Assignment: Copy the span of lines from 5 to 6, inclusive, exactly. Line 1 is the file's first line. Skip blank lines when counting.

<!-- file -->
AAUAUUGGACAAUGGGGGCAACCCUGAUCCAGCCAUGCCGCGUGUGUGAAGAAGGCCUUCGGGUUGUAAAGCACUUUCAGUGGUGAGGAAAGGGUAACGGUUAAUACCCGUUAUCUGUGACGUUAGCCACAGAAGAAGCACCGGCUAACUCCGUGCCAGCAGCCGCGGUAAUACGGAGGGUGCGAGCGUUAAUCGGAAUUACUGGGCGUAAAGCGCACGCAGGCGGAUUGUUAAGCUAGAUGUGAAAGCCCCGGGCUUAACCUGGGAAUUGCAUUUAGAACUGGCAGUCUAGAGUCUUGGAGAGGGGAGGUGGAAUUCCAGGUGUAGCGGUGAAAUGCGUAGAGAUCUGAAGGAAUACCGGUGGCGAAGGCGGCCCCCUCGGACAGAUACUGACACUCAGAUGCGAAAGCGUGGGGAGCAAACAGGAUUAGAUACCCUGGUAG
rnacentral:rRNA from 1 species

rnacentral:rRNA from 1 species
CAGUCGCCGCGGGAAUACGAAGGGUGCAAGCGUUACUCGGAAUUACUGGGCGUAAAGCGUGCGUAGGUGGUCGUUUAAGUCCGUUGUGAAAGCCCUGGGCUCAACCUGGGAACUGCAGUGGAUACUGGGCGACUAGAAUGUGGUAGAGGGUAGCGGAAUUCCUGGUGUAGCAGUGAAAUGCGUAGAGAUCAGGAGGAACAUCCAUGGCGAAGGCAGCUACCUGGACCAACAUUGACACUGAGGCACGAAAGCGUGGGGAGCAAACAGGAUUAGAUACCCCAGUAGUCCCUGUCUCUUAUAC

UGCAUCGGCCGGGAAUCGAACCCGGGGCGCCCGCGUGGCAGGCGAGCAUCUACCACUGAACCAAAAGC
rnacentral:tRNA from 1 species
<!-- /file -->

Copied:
UGCAUCGGCCGGGAAUCGAACCCGGGGCGCCCGCGUGGCAGGCGAGCAUCUACCACUGAACCAAAAGC
rnacentral:tRNA from 1 species